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Space & Astronomy

Astronomers scour region of space where 'Wow!' signal originated

By T.K. Randall
November 28, 2022 · Comment icon 11 comments

The word 'Wow!' was scrawled on the page at the time. Image Credit: NAAPO
The double telescopic study of this distant region of space aimed to listen out for any other interesting signals.
Astronomers have been listening out for extraterrestrial signals for years, but one case - that of a strange signal picked up by a school telescope at Ohio State University 40 years ago - has since remained one of the most tantalizing and perplexing examples ever recorded.

Originating in the globular cluster of M55 in the constellation Sagittarius, the peculiar signal lasted approximately 72 seconds. Astronomer Jerry Ehman, who was the first to examine the computer readout, famously wrote the word 'Wow!' on the page.

Although most experts have since dismissed the signal as naturally occurring, the specifics surrounding its source have remained a topic of debate for decades.

Now, 40 years on, astronomers from multiple countries have combined their efforts to conduct a renewed study of the region of space from which the signal was picked up.
Using both the Green Bank Telescope in West Virginia and the Allen Telescope Array in California, the team focused on a specific star - 2MASS 19281982-2640123 - that had been previously pinpointed as the most likely source of the signal.

Sadly, though, despite their best efforts, the search ultimately came up empty.

Not all is lost, however, as the exercise did serve as a perfect demonstration of how a similar search might be carried out elsewhere - perhaps with a focus on an even more tantalizing target.

For now, though, the 'Wow!' signal's true source remains just as elusive as ever.

Source: | Comments (11)

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Recent comments on this story
Comment icon #2 Posted by L.A.T.1961 1 year ago
The signal came in close to the 21 cm hydrogen line, a frequency proposed as a place to look for an intelligent broadcast due to it being in a quite part of the spectrum.  Also the target star, that may have been in the area of the signals origin, is estimated at  light years.  The best guestimate for the distribution of life in the Galaxy would put our nearest neighbor at between 1500 and 2000 LY, which this candidate area would also fit within.  Not as it proves anything but interesting non the less. 
Comment icon #3 Posted by Hyperionxvii 1 year ago
Waste of time. There ain't no aliens. Well, there might be. But the Fermi Paradox has already been solved and the answer is that 'They are too far away'. They are either too far away to contact by any means we know of, like radio waves, or even if we could contact them, we could never receive a reply. It's sad, but this is a complete waste of time. I grew up watching the original Star Trek and as soon as I realized this, I was depressed.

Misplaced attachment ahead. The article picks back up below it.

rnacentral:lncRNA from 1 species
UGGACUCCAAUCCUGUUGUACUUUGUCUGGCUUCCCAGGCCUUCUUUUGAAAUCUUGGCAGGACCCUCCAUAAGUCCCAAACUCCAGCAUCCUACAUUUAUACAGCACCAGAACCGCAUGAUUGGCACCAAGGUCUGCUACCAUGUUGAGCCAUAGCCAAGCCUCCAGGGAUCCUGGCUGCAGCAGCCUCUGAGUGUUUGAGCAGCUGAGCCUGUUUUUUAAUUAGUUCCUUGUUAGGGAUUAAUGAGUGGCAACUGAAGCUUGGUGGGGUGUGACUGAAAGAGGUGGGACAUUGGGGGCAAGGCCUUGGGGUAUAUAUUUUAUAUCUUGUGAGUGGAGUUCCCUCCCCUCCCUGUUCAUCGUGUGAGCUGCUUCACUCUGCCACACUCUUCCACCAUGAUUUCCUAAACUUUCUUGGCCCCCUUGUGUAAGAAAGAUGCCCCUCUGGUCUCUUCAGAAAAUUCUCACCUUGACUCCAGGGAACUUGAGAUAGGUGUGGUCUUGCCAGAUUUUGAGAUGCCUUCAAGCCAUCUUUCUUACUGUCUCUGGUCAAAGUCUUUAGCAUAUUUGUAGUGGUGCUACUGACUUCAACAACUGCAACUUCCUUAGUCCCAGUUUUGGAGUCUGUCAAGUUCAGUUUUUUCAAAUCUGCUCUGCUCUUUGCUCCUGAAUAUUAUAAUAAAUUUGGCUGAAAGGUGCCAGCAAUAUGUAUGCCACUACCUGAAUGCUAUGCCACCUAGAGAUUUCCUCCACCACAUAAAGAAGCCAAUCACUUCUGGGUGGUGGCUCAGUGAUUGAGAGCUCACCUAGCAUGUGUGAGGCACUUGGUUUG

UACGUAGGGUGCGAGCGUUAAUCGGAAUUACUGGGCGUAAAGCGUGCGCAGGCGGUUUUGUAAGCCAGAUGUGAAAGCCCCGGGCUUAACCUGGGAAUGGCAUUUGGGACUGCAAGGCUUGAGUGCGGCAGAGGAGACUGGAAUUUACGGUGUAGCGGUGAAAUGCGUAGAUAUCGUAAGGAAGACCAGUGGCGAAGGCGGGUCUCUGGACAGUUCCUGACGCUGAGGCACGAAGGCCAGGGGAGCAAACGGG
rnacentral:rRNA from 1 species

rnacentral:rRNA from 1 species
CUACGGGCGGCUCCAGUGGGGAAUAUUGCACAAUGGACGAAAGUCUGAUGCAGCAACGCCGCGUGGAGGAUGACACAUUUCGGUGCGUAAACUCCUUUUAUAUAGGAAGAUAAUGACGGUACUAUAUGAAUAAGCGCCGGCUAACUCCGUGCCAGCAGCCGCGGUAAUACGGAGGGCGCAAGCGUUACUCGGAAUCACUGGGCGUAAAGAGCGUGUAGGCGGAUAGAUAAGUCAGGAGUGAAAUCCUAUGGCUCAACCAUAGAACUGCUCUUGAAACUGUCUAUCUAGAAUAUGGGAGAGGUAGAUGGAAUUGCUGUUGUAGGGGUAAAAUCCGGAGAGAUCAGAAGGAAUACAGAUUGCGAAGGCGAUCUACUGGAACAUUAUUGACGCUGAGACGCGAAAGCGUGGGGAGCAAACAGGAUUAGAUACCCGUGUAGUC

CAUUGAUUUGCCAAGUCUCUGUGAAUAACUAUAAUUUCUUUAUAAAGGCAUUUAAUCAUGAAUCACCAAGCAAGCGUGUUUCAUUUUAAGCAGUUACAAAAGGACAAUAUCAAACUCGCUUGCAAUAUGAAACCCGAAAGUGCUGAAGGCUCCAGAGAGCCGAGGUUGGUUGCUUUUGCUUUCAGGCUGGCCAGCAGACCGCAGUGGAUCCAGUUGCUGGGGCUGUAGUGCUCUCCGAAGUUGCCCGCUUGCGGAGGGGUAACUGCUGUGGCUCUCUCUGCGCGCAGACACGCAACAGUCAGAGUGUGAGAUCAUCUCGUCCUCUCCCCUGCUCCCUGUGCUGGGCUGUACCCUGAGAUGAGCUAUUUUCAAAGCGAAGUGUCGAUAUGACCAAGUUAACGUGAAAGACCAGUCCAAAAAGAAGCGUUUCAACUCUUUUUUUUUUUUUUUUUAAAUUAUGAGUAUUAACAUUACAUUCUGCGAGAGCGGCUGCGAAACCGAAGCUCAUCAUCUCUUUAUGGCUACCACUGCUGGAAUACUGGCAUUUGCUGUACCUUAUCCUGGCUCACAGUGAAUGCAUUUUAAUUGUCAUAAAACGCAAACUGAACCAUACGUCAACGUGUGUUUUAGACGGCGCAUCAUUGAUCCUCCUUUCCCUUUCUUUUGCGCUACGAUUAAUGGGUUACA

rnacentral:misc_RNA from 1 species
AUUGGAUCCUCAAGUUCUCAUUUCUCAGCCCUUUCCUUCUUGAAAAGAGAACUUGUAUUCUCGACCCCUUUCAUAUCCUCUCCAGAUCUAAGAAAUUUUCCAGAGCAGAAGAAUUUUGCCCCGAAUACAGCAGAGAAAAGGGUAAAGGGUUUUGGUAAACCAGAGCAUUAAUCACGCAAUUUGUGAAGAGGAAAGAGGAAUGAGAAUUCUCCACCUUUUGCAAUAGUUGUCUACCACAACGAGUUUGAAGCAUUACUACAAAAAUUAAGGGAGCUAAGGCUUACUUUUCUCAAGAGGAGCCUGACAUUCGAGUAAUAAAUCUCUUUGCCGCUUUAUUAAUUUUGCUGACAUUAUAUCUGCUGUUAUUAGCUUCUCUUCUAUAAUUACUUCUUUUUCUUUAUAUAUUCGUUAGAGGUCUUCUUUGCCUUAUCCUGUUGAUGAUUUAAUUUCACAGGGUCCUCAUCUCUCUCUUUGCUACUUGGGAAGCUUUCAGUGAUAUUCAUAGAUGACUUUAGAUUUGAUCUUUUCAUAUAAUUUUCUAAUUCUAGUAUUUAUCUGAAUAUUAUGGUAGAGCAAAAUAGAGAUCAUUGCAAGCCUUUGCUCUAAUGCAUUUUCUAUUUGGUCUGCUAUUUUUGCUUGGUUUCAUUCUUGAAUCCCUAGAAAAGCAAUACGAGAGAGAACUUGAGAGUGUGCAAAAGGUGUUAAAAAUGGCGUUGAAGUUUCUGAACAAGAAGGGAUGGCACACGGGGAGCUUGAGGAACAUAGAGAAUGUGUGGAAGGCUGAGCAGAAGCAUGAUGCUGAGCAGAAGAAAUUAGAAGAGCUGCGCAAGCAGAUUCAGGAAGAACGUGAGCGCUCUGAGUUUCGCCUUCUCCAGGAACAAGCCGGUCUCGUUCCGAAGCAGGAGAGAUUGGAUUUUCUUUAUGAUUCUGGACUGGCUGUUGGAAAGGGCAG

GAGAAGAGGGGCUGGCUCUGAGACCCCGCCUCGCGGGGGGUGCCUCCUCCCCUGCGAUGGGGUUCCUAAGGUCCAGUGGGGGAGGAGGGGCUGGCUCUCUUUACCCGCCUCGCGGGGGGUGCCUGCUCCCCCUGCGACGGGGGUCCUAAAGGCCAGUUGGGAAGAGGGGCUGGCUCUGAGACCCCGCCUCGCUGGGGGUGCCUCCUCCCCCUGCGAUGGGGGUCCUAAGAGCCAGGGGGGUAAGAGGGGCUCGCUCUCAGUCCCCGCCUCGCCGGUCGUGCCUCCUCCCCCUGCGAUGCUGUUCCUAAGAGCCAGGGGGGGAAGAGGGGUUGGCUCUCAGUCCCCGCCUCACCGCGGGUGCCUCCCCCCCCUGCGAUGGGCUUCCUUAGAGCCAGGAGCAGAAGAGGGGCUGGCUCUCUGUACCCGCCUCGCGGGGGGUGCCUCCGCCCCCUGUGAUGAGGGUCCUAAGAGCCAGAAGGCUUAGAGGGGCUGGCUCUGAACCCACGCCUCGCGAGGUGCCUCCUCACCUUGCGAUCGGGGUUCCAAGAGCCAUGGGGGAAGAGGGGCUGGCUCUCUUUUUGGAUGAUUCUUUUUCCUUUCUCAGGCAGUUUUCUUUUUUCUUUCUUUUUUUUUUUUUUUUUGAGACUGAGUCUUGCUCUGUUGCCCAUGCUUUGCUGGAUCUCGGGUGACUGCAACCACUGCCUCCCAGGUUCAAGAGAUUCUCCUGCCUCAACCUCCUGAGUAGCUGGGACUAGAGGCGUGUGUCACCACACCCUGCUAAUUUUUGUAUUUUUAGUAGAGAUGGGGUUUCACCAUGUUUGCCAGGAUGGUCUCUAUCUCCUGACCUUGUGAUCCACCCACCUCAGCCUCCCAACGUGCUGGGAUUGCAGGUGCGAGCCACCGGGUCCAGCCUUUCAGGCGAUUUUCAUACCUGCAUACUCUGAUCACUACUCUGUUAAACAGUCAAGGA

Comment icon #4 Posted by Chaldon 1 year ago
Nope. It's not solved, where did you get that? Besides, nothing at all is proven until a direct evidence is acquired. To prove that no other life exists or even that they are too far we have to dismiss the very fact that we ourselves are thriving here, not just "existing". Life as here on Earth is too abundant to be extraordinary, and our intelligent species became too numerous as well. So they must be somewhere, their existence is very probable. Not finding them yet only diminishes the chances of finding them using the same methods, but since we have a direct evidence of the possibility of ab... [More]
Comment icon #5 Posted by jethrofloyd 1 year ago
The 40-Year Old Mystery of the "Wow!" Signal Was Just Solved 'These comets, known as  266P/Christensen and 335P/Gibbs, have clouds of hydrogen gas millions of kilometers in diameter surrounding them. The Wow! Signal was detected at 1420MHz, which is the radio frequency hydrogen naturally emits. Notably, the team has verified that the comets were within the vicinity at the time, and they report that the radio signals from 266/P Christensen matched those from the Wow! signal'.
Comment icon #6 Posted by Portre 1 year ago
Or poor alien creature got fired for blowing their cover.  
Comment icon #7 Posted by Portre 1 year ago
The TV show Phantom Signals, episode 2, "Alien Evidence: The Holy Grail" states the comets would not have produced a signal as strong as the "WOW" signal.
Comment icon #8 Posted by qxcontinuum 1 year ago
We will never find intelligent life out there even if it's sitting right into our eyes because of the army of unprepared scientists ready to split the hair in 4 finding a reason to refute an idea.   It's very possible that those who have sent the wow signal have done it either in distress or an episode like we do on Earth.  Here we don't always send comms out of our space but once every like 20- 30 years or so.  Oumoumomma  Case was the best example of how ignorant and unprepare NASA and other space agencies  can be when there are solid chances of finding extraterrestrial intelligence.
Comment icon #9 Posted by NCC1701 1 year ago
By the time they found out the source of the signal, the microwave oven landed in the garbage dump 30 years ago.
Comment icon #10 Posted by Desertrat56 1 year ago
I was thinking since it has been 55 years they might need to adjust the location they scan to a closer position, in case it is something traveling towards us.
Comment icon #11 Posted by Ell 1 year ago
In my opinion it was a burst transmission one of them secret Earth spaceships. Probably piloted by Neil Armstrong's 'brother'. :-p

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